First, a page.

I’ve confirmed with former UCSD students that Binder and Wood spoke with several students there—I suspect that’s the Western one. About the Eastern private school, I have no idea.
The somewhat Rorschach-like presentation of the research has led to a number of divergent takeaways. A reviewer in the New Republic suggested that the more confrontational Western style of conservatism has echoes in the Tea Party’s supposed takeover of the GOP. A reviewer for the Manhattan Institute suggested the more intellectual Eastern Elite style of discourse was evidence those students had been “tamed.” Even in the book’s conclusions, people see what they want to see because the Eastern/Western dichotomy does so much of the conceptual heavy lifting. The basic problem is that one could make similar observations about Eastern and Western conservatives all the way back to Buckley and Goldwater, yet provocateurs like Ann Coulter and Dinesh D’Souza both wrote for conservative newspapers at “Eastern Elite” schools.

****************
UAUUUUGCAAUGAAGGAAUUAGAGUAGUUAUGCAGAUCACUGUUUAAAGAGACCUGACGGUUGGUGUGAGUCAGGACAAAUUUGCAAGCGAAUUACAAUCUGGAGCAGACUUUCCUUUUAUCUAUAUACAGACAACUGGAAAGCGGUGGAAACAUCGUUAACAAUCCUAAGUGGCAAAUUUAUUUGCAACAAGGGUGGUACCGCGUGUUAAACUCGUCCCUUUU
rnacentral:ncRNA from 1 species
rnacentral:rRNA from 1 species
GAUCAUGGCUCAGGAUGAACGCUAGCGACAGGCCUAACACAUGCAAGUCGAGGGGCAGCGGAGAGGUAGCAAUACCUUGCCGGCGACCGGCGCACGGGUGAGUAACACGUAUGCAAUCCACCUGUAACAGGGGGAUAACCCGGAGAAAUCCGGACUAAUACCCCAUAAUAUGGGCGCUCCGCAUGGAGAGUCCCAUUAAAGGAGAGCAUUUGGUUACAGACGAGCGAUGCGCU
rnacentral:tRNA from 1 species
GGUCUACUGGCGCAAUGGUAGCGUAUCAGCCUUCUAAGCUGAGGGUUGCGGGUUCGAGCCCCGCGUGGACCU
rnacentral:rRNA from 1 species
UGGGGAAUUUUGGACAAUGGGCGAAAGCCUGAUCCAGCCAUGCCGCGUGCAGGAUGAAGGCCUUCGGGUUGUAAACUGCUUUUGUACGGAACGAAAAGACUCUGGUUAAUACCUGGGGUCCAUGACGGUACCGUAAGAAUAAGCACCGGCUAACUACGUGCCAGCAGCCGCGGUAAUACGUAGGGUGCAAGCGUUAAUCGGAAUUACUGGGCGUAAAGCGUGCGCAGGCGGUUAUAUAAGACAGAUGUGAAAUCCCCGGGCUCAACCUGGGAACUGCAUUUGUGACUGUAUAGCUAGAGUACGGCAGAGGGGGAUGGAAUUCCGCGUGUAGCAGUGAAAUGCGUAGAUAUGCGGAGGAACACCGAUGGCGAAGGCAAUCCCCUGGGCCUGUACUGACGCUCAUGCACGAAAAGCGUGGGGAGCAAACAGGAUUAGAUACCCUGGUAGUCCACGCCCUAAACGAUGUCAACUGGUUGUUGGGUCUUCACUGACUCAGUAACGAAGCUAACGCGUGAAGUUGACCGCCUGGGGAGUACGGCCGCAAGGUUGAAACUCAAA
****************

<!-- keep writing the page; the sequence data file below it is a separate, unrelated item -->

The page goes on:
New freshmen at Western Flagship, feeling anonymous and overwhelmed, are said to seek solidarity in right-wing groups that then take an oppositional pose against the school’s administration, whereas the Eastern students identify more with their peers, leading them to be less skeptical of their professors’ liberalism and lending their activism a more genteel touch.
The book’s demographic findings are mostly unsurprising to anyone familiar with the conservative movement. Catholics at large public universities tend to be evenly split between political ideologies, whereas Catholics at elite schools tend to be conservative. Despite their political views, evangelicals tend to eschew conservative activism. Parents of conservative freshman at elite schools tend to have less prestigious careers and tend to be slightly less educationally accomplished than those of the general student population.